FAMILIAR FOE: The Bruins and Maple Leafs face off for the second of four meetings this season. Boston won the first game 3-1 on Nov. 9 at TD Garden. The Bruins are 6-5-0 on the road this season, while the Maple Leafs own a 10-5-0 record at ACC. Boston is 4-1-0 in its last five regular-season games and 10-1-1 in the last 12 against Toronto. These teams staged an epic first-round series last season in the Stanley Cup playoffs. The Bruins won the series in seven games. Tonight will be the Maple Leafs’ first Sunday home game since Feb. 23, 2003.
WHAT HAVE YOU DONE LATELY: The Bruins are 7-2-1 in their last 10 games and 11-3-2 in the last 16. Boston pulled off a dramatic 3-2 come-from-behind win over the Pittsburgh Penguins on Saturday night at TD Garden. The Bruins’ Zdeno Chara scored with 13 seconds remaining in regulation en route to victory. Toronto is 3-3-2 in its last eight games. The Maple Leafs’ James van Riemsdyk scored a regulation goal, added two assists and netted the deciding goal in the shootout to help Toronto to a 4-3 win over the Ottawa Senators on Saturday night at Canadian Tire Centre.
MASKED MEN: Bruins goalie Tuukka Rask made 28 saves in Saturday’s 3-2 win over the Penguins to improve his record to 15-7-2 with a 1.91 goals-against average and a .934 save percentage. He’s 5-2-1 in his last eight starts and 9-3-2 in his last 14. If Bruins coach Claude Julien decides to start Rask against the Maple Leafs, it will be the third time this season he’s played back-to-back games. Rask is 9-1-0 against the Maple Leafs with a 1.42 GAA and a .951 SP in 12 career games. If Chad Johnson gets the start for the Bruins, he’s 4-1-0 with a 1.97 GAA and a .918 SP in five starts this season. He’s won his last three starts. Since the Maple Leafs’ James Reimer played Saturday night (47 saves on 50 shots) against the Senators, Toronto will start Jonathan Bernier against the Bruins. Bernier is 9-7-2 with one shutout in 19 games this season. He has a 2.40 GAA and a .931 SP. He’s 0-1-0 against the Bruins in his career.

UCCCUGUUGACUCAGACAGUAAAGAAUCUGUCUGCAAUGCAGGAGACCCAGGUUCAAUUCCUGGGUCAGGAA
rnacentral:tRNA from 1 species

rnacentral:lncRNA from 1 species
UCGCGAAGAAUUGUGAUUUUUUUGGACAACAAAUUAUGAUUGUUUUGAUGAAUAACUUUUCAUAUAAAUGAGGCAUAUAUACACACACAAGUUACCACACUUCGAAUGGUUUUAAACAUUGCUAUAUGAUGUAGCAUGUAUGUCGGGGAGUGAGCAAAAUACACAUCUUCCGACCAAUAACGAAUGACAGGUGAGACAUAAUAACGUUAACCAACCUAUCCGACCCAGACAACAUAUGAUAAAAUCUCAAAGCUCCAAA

KEY INJURIES: Bruins forwards Loui Eriksson (concussion) and Chris Kelly (broken ankle) were both injured Saturday night and did not travel with the team to Toronto. Also, the Bruins have been without defensemen Adam McQuaid (lower body) and Johnny Boychuk (back), but both went on the trip. McQuaid is considered day-to-day. Boychuk, who was taken off the ice on a stretcher last Thursday in Montreal after what now has been diagnosed as a back spasm, was seen Saturday night on press level limping and slightly hunched over.
REINFORCEMENTS: Because of the barrage of injuries, the Bruins recalled forwards Matt Fraser and Ryan Spooner from Providence of the AHL and both will be available to play against the Maple Leafs. Fraser, who arrived in Boston as part of the Tyler Seguin trade last July, recorded a hat trick for the P-Bruins on Friday night against Manchester and added another goal on Saturday at Worcester. He has 13 games of NHL experience with the Dallas Stars. Spooner was called up earlier this season and played two games and posted one assist.